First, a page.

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Sarvam Thaala Mayam Review

Review by IndiaGlitz [ Tuesday, January 29, 2019 • Tamil ]
Sarvam Thaala Mayam Review
indscreen Film Institute
GV Prakash, Nedumudi Venu, Aparna Balamurali, Kumaravel, Athira, Santha Dananjayan, Sumesh, Vineeth
Rajeev Menon
Latha Menon

Director Rajiv Menon and A.R. Rahman combining for a musical after eighteen years is enough to prompt a view for 'Sarvam Thaala Mayam'. Does the subject that stresses on the fact that music is beyond the confines of caste or economical background strike the right chord with all sections of the audiences remains to be seen.

Peter Johnson (GVP)  is an ardent Thalapathy Vijay fan whose top priority is his time spent on putting up banners for his idol and playing the drums on release dates.  In a fan club related fight Peter gets his head broken and he falls for the nurse Sara (Aparna Balamurali) who stitches his wound.  His father Johnson (Kumaravel) is a mridangam maker and when he asks his son to deliver an instrument to a leading exponent Vembu Iyer (Nedumudi Venu) the youngster is smitten by the rhythm and aspires to learn music from the great man and become like him.  Can Peter break the barriers of his caste and economic background and be accepted by the upper caste genius and can he realize his dreams is what the rest of the screenplay is all about.

G.V. Prakash after his acclaimed performance in Bala's 'Naachiyaar' gets one more character with scope to score big and credit to him that he gives it his best shot.  His dialogue delivery and mannerisms bring to life a normal lower class Chennai guy but inconsistencies in his characterization is what mars the effort.   For Nedumudi Venu one of the finest actors in Indian cinema, Vembu Iyer is just another walk in the park and its commendable the way he carries the proud musical genius letting his guard down from time to time and provide some humor too.  Aparna Balamurali with her girl next door plays the mandatory love interest giving no room to complain. Vineeth brings his vast experience to Mani the jealous assistant of Vembu Iyer who later on turns into a full time villain.  Kumaravel as GVPs father gives a flawless performance scoring in the scene in which he sells his son's instrument not knowing how passionate he is about it.  Divayadarshini impresses as the television anchor Anjana who ruthlessly changes colors as the situation demands.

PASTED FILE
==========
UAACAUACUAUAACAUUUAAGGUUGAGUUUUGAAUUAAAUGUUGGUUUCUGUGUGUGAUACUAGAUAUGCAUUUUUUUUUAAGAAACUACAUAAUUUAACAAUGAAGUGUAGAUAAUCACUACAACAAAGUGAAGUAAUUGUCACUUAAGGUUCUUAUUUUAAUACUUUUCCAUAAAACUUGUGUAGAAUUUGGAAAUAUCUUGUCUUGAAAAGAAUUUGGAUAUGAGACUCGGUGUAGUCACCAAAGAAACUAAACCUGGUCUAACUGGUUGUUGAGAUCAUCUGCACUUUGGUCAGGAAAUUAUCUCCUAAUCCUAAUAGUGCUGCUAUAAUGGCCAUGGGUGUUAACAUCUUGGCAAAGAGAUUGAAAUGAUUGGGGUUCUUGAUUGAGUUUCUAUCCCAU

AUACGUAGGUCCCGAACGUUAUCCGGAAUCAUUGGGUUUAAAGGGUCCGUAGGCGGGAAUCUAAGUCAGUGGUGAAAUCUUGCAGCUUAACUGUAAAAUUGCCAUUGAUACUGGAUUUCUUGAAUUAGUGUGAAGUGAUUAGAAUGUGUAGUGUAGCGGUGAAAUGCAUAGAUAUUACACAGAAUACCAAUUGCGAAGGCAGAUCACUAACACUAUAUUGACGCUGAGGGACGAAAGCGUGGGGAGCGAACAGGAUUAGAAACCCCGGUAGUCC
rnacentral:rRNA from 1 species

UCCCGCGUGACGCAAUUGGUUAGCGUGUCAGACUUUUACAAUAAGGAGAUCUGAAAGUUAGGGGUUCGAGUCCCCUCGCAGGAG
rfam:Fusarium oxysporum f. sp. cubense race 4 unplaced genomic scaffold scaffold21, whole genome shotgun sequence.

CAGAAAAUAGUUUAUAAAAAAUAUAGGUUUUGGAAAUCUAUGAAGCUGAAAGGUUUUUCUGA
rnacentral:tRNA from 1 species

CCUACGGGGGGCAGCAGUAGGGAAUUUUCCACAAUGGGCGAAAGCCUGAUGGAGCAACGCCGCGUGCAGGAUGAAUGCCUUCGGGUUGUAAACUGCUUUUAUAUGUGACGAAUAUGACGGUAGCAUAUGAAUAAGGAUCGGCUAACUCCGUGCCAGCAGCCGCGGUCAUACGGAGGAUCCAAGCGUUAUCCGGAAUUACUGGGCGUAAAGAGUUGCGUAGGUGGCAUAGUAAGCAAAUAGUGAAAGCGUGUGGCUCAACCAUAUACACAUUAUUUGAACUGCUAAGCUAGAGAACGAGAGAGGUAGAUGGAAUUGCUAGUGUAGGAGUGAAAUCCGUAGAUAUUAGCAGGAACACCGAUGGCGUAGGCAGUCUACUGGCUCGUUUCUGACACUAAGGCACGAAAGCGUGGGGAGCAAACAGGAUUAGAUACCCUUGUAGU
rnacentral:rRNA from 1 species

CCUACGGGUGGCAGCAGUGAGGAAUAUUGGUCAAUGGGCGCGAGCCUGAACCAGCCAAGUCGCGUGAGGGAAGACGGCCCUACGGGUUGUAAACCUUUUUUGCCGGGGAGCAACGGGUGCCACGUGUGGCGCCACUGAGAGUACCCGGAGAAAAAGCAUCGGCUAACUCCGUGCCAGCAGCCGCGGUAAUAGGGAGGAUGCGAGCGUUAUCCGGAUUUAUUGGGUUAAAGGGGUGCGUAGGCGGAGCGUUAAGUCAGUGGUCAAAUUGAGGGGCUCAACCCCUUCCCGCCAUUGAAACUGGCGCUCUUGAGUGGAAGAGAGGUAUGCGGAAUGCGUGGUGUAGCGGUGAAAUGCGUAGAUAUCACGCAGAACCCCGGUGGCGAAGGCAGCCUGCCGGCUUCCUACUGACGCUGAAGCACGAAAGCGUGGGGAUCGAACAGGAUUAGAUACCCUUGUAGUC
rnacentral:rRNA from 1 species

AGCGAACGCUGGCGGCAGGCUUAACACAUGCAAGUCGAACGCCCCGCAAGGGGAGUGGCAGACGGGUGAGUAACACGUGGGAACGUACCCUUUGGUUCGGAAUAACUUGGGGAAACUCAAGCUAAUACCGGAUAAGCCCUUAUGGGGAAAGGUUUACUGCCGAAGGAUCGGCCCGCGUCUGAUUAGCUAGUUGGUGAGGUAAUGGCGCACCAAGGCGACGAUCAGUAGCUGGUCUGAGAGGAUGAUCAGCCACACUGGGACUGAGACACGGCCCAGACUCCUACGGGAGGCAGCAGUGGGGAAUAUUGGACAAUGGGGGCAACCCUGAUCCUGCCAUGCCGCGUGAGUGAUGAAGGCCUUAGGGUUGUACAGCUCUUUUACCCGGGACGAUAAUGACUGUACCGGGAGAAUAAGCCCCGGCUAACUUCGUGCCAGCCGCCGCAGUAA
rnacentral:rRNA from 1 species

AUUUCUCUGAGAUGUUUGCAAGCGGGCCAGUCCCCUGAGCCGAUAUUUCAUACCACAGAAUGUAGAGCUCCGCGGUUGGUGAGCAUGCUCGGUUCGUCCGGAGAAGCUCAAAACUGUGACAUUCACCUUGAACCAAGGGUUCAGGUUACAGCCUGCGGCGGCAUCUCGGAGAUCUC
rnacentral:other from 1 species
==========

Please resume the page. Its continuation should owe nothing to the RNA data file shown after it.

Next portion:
A.R. Rahman is the true hero of 'Sarvam Thaala Mayam' as he has filled the background with different beats of skin instruments used minimally to great effect.  He has also let silence speak whenever necessary.   The percussion in the climax of various rhythms from different parts of the country is itself worth the ticket price.  The director sets out to tell the noble message that Carnatic music should not be confined to the upper caste and become more inclusive of talented people from other castes too.  A nice directorial touch is when the Nedumudi Venu character presents his holy rudraksha to GVP signaling his biggest gift to the boy which he says verbally in the climax.

On the downside 'Sarvam Thaala Mayam' falters by its contradicting way of story telling for a few scenes such as Nedumudi Venu's teaching style and Kumaravel's workshop are realistic while the love angle, the villainy of DD and Vineeth, the countrywide journey of the hero and the reality show are cinematic and are out of sync.  Nedumudi Venu and GVP's characters too are inconsistent and due to that, the conflicts between the two does not develop organically.  Apart form the premarital sex scene between GVP and Aparna few other scenes unfold naturally which prevent the audience involvement beyond a point.  There is a Malayalam flavor overdose throughout the screenplay and considering that the two main characters Vembu and Mani speak that accent at least the heroine could have been presented in a different color

Ravi Yadav's cinematography is picture perfect and Antony's editing is cut to the rhythm of various drum beats.  Director Rajiv Menon's core theme and message are praiseworthy but the screenplay does not convincingly convey them.  Contradicting his own emphasis on inclusivity he has delivered a film that would mostly appeal to a niche.

Verdict : Go for this A.R. Rahman rhythmic rendition backed by some solid acting performances from the cast.

Rating: 2.5 / 5.0

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